I can’t let it go. There is more here to explore. First, I can’t believe that I looked at braking and then turning but not turning then braking. And what about braking while turning? I will model braking and then turning – but it won’t stop here.
Consider a few motions. I could turn and then brake (which I am looking in this post). Another option would be to brake and then turn. I already showed that this takes a longer distance than just stopping. Braking and then turning in general won’t work. Suppose I brake and slow down to a certain speed. Now I am a certain distance away from the wall going at a certain speed. In that previous post, I showed that it takes less distance to just stop rather than turn.
Turning first might be different. If the car turns a little bit, then there will be a greater distance that it can travel before it hits this really wide wall. So, here is what I am going to do. I will use python to model this motion and calculate the x-distance it takes to stop the car. For the first run, I will just go straight. Then I will turn just a tiny bit and then brake. I will keep increasing the amount the car turns before stopping and record the distance (in the direction of the wall).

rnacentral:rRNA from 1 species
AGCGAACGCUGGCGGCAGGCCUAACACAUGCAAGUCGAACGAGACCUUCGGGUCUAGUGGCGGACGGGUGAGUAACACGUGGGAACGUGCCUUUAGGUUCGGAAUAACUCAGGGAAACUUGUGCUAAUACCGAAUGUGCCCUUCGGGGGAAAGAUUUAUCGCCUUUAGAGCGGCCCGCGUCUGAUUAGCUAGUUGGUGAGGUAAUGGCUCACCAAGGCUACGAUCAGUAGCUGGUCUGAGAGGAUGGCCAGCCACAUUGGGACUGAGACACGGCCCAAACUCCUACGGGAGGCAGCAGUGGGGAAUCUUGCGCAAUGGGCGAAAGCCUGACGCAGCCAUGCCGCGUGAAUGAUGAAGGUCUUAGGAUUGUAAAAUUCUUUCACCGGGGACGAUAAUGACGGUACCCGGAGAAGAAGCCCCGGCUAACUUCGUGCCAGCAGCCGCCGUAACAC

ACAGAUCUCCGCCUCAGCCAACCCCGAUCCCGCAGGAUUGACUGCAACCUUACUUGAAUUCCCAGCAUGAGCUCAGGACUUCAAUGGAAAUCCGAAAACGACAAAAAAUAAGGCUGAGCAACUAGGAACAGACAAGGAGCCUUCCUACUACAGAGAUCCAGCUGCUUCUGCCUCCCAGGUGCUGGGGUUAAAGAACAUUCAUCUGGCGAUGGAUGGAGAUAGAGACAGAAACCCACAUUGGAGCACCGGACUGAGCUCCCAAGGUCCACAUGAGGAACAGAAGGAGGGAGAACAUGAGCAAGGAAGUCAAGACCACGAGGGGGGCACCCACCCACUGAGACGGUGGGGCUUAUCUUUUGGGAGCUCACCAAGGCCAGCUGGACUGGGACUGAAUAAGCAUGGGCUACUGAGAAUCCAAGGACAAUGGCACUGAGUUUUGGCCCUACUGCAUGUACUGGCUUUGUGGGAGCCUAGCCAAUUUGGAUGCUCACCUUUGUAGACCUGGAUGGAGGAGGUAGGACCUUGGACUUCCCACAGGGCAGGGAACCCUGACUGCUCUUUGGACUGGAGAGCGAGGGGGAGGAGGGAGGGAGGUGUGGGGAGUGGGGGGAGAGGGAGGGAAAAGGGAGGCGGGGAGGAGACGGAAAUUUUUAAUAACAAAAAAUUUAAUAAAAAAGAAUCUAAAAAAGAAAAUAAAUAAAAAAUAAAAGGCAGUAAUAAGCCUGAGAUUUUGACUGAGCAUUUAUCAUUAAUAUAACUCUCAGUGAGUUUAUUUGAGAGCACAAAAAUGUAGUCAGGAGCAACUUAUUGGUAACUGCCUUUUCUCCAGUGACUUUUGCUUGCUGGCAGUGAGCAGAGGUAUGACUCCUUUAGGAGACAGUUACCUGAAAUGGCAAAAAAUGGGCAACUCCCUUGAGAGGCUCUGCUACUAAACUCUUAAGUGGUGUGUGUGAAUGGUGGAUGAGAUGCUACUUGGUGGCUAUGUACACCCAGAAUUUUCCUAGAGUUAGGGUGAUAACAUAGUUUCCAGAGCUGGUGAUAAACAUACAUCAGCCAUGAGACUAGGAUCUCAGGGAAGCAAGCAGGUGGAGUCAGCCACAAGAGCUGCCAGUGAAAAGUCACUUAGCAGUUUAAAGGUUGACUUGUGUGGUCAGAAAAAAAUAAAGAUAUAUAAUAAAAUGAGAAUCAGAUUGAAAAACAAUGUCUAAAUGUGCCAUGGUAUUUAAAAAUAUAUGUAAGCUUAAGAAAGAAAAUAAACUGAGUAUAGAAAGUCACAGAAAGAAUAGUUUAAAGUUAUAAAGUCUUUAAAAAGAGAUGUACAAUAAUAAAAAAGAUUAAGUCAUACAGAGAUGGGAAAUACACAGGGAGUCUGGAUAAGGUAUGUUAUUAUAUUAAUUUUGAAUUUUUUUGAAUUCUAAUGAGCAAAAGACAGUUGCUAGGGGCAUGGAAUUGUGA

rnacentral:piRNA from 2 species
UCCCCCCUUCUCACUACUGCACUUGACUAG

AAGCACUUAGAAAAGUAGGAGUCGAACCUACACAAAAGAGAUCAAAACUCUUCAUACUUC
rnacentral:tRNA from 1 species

Here is the data:
First, a quick check. Does this data agree with my previous data? Using these same parameters (initial speed and coefficient of friction) I get the same stopping distance for no turn and 90 degree turn. So that is good.
I am not surprised that stopping without turning is still the shortest distance. But, I am surprised that turning 90 degrees is not the largest stopping distance. From the above data, it looks like the worse thing to do is to turn about 60 degrees and then stop. Whatever you do, don’t do that.
One more thing – there is more to do. I have looked at:
- Braking then turning
- Turning then braking
But this is not every possibility. Is it possible you could turn right then left then brake? Maybe. There is a way to deal with these more generic functions – but I am not going to deal with this now.